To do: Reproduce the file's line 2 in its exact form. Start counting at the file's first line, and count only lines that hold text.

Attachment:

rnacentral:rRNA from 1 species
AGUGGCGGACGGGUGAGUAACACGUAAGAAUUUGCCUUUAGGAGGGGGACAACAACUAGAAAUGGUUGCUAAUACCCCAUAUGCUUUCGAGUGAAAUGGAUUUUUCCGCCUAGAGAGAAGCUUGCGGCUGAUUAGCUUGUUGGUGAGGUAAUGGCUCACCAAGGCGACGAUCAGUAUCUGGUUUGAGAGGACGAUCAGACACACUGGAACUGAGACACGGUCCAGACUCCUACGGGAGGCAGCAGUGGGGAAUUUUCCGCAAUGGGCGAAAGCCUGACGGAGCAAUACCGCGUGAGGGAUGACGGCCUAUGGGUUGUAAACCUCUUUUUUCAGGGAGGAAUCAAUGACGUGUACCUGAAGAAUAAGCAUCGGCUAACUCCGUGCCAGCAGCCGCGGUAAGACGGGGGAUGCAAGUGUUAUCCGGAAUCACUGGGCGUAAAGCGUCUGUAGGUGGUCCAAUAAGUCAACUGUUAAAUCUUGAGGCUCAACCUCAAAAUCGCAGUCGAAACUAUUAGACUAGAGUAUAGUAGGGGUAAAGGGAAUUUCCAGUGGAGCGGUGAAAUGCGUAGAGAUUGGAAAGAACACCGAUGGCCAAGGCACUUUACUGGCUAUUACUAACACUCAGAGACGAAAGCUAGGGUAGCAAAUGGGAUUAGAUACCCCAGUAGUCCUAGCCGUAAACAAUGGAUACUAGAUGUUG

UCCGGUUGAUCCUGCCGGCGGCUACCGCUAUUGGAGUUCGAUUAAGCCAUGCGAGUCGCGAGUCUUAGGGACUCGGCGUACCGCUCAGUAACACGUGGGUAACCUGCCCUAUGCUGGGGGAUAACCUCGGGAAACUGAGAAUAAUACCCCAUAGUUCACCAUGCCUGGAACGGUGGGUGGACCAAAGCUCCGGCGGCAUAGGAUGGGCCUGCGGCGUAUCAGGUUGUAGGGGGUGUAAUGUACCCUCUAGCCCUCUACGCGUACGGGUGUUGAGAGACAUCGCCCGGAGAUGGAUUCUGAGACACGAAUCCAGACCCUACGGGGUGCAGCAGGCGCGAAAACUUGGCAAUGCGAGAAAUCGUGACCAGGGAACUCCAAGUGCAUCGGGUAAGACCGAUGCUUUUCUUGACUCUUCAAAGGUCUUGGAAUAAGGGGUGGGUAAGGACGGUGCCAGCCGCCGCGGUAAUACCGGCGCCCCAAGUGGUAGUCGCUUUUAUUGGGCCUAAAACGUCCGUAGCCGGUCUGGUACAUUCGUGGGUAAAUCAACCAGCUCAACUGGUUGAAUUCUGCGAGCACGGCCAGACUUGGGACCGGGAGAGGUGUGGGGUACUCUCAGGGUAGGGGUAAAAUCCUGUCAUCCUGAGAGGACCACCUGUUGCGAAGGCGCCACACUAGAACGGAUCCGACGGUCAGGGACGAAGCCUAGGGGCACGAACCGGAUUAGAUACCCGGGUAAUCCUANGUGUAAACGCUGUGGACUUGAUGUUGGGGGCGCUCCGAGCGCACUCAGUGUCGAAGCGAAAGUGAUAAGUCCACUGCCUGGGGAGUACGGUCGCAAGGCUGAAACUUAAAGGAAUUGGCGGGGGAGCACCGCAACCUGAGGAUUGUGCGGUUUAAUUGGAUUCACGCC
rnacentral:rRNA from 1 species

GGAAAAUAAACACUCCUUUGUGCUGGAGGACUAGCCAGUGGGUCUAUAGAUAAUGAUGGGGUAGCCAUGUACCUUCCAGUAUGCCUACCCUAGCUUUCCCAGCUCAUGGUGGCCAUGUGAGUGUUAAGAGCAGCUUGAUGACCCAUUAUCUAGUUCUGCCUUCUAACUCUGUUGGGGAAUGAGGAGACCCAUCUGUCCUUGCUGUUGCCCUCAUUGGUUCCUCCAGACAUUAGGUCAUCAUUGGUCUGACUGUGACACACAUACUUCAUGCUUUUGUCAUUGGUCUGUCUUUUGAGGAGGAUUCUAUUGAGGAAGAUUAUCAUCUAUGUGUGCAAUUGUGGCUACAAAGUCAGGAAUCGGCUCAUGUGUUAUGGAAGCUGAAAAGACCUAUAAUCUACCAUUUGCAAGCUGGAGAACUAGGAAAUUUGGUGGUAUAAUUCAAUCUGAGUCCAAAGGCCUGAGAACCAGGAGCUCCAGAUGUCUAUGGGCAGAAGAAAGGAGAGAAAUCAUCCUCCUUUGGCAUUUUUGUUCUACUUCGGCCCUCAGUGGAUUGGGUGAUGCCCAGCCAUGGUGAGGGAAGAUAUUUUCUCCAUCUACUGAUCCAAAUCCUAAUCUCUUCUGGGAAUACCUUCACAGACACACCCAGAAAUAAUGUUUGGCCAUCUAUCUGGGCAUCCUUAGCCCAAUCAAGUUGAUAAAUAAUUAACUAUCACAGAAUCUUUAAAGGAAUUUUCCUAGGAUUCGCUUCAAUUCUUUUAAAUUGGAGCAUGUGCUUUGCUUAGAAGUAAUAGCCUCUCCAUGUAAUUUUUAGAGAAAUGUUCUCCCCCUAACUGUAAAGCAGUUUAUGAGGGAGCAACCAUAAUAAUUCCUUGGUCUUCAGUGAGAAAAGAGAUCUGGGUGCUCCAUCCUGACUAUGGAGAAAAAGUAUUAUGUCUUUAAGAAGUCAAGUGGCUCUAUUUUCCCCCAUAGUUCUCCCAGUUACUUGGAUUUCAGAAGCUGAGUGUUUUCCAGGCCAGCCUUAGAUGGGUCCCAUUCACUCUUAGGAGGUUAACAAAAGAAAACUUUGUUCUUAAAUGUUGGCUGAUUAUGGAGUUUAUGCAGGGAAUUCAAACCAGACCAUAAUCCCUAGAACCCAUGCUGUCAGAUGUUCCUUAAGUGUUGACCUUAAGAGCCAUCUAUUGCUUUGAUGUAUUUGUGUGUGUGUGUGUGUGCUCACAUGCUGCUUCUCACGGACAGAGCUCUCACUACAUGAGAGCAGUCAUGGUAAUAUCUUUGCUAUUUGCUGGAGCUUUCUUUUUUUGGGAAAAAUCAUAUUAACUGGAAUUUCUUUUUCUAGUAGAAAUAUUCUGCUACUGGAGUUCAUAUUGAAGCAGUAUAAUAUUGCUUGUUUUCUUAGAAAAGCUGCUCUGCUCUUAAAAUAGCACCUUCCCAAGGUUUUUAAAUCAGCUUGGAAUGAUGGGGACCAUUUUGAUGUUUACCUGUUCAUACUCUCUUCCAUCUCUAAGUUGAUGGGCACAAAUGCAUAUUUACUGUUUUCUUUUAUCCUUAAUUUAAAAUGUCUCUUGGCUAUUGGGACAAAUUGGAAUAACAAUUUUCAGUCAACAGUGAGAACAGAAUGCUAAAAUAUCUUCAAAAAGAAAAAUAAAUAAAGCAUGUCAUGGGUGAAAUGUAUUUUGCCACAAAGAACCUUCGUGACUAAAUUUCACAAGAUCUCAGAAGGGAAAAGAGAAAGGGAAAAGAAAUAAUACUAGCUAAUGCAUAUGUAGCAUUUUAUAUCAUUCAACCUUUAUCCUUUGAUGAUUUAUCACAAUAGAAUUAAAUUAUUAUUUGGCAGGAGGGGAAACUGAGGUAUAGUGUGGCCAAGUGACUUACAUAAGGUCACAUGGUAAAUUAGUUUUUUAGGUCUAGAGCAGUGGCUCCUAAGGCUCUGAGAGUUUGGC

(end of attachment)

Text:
AGUGGCGGACGGGUGAGUAACACGUAAGAAUUUGCCUUUAGGAGGGGGACAACAACUAGAAAUGGUUGCUAAUACCCCAUAUGCUUUCGAGUGAAAUGGAUUUUUCCGCCUAGAGAGAAGCUUGCGGCUGAUUAGCUUGUUGGUGAGGUAAUGGCUCACCAAGGCGACGAUCAGUAUCUGGUUUGAGAGGACGAUCAGACACACUGGAACUGAGACACGGUCCAGACUCCUACGGGAGGCAGCAGUGGGGAAUUUUCCGCAAUGGGCGAAAGCCUGACGGAGCAAUACCGCGUGAGGGAUGACGGCCUAUGGGUUGUAAACCUCUUUUUUCAGGGAGGAAUCAAUGACGUGUACCUGAAGAAUAAGCAUCGGCUAACUCCGUGCCAGCAGCCGCGGUAAGACGGGGGAUGCAAGUGUUAUCCGGAAUCACUGGGCGUAAAGCGUCUGUAGGUGGUCCAAUAAGUCAACUGUUAAAUCUUGAGGCUCAACCUCAAAAUCGCAGUCGAAACUAUUAGACUAGAGUAUAGUAGGGGUAAAGGGAAUUUCCAGUGGAGCGGUGAAAUGCGUAGAGAUUGGAAAGAACACCGAUGGCCAAGGCACUUUACUGGCUAUUACUAACACUCAGAGACGAAAGCUAGGGUAGCAAAUGGGAUUAGAUACCCCAGUAGUCCUAGCCGUAAACAAUGGAUACUAGAUGUUG